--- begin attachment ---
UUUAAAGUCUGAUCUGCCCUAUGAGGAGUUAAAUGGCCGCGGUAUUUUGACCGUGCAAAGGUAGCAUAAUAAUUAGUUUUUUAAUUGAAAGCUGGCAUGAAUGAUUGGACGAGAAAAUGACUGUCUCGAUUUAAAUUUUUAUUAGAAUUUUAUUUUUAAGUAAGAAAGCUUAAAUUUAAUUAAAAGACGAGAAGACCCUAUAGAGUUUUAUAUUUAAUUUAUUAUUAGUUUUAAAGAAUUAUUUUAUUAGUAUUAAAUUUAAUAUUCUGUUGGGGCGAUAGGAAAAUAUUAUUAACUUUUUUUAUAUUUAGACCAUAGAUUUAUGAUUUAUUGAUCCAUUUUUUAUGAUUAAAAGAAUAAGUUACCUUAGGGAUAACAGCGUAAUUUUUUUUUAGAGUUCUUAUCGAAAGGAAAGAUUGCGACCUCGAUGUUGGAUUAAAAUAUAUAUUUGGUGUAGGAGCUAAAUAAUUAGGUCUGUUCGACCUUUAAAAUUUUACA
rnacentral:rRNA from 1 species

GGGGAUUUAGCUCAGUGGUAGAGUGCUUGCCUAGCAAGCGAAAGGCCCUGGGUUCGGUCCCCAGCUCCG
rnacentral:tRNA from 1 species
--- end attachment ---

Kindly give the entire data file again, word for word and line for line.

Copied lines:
UUUAAAGUCUGAUCUGCCCUAUGAGGAGUUAAAUGGCCGCGGUAUUUUGACCGUGCAAAGGUAGCAUAAUAAUUAGUUUUUUAAUUGAAAGCUGGCAUGAAUGAUUGGACGAGAAAAUGACUGUCUCGAUUUAAAUUUUUAUUAGAAUUUUAUUUUUAAGUAAGAAAGCUUAAAUUUAAUUAAAAGACGAGAAGACCCUAUAGAGUUUUAUAUUUAAUUUAUUAUUAGUUUUAAAGAAUUAUUUUAUUAGUAUUAAAUUUAAUAUUCUGUUGGGGCGAUAGGAAAAUAUUAUUAACUUUUUUUAUAUUUAGACCAUAGAUUUAUGAUUUAUUGAUCCAUUUUUUAUGAUUAAAAGAAUAAGUUACCUUAGGGAUAACAGCGUAAUUUUUUUUUAGAGUUCUUAUCGAAAGGAAAGAUUGCGACCUCGAUGUUGGAUUAAAAUAUAUAUUUGGUGUAGGAGCUAAAUAAUUAGGUCUGUUCGACCUUUAAAAUUUUACA
rnacentral:rRNA from 1 species

GGGGAUUUAGCUCAGUGGUAGAGUGCUUGCCUAGCAAGCGAAAGGCCCUGGGUUCGGUCCCCAGCUCCG
rnacentral:tRNA from 1 species